How is Charcoal Made?

B&B lump charcoal

When you think of charcoal, it probably brings up many fond memories. It conjures images of those crinkly bags at the store, backyard BBQs and great times spent with the barbecue family. It elicits memories of the Fourth of July and Little League baseball games. The associations are numerous. Any barbecue lover has probably cooked with charcoal, after all.

But what is charcoal?

Let’s start with what charcoal isn’t. Despite the name, charcoal isn’t the same as coal — the naturally occurring fossil fuel. Coal is created deep in the bowels of the earth, the result of eons of force and pressure, producing a combustible mineral that can be used as fuel.

Charcoal, on the other hand, is man-made. And the process is much simpler. Instead of millions of years, making charcoal can take just a few hours. What you need is wood and heat. Lots of heat.

B&B Charcoal products are all-natural and don’t include the fillers or other unwanted material like resins found in some charcoals on the market.

Many Types of Charcoal

There are different types of charcoal. The kind used for cooking is commonly referred to as the charcoal briquette. A briquette is compressed charcoal that can be used as quick-burning fuel. Before the briquette was in use, charcoal had been used for thousands of years as a heating source, in medicine and for its ink-like properties.

In 1897, a Pennsylvania man named Ellsworth B. A. Zwoyer invented and patented the briquette. In doing so he brought charcoal to the cooking masses. Every backyard BBQ enthusiast is indebted to Zwoyer’s foresight. Before his invention, charcoal was largely used for other, less gastronomical endeavors.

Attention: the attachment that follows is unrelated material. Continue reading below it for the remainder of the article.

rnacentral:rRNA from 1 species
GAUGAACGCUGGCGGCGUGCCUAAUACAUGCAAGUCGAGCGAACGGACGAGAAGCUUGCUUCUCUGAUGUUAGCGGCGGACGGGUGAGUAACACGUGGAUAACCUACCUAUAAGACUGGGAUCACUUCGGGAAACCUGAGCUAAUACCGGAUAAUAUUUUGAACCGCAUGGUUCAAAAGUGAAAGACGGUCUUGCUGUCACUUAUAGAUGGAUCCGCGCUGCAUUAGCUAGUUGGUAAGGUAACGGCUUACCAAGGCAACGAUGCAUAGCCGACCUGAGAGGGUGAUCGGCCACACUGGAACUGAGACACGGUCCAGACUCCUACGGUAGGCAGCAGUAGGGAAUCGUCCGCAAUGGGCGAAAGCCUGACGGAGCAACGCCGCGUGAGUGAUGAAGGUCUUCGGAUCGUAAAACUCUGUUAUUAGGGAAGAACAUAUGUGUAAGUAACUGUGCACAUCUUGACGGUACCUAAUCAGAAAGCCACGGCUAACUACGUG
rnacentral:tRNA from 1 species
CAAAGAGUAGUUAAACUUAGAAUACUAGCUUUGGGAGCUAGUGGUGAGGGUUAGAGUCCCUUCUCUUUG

The manufacture of charcoal, whether lump, briquette or B&B Charcoal’s Competition Char-Logs, has evolved over the years, but the basic principles remain the same. To make charcoal, you take cured wood and heat it in the absence of oxygen by keeping the wood enclosed and separated from the heat source. This way, the wood doesn’t catch on fire and burn away. Instead, the process transforms the wood into something lightweight, burnable and charred — charcoal.

Because there are different types of wood, there are different types of charcoal. Commonly, it’s made of hardwoods such as oak or cherry. People use charcoal because it burns hot, long and is faintly odorous. With the addition of wood, meats like steak, ribs and chicken are imbued with the extra flavor of smoke.

It’s as much a cooking ingredient as it is a heat source. And this is why people tend to have such a strong association with charcoal and BBQ in general. Charcoal is a taste, a smell and a tactile experience. It’s an interesting human creation that’s as much a part of grilling as the grill.

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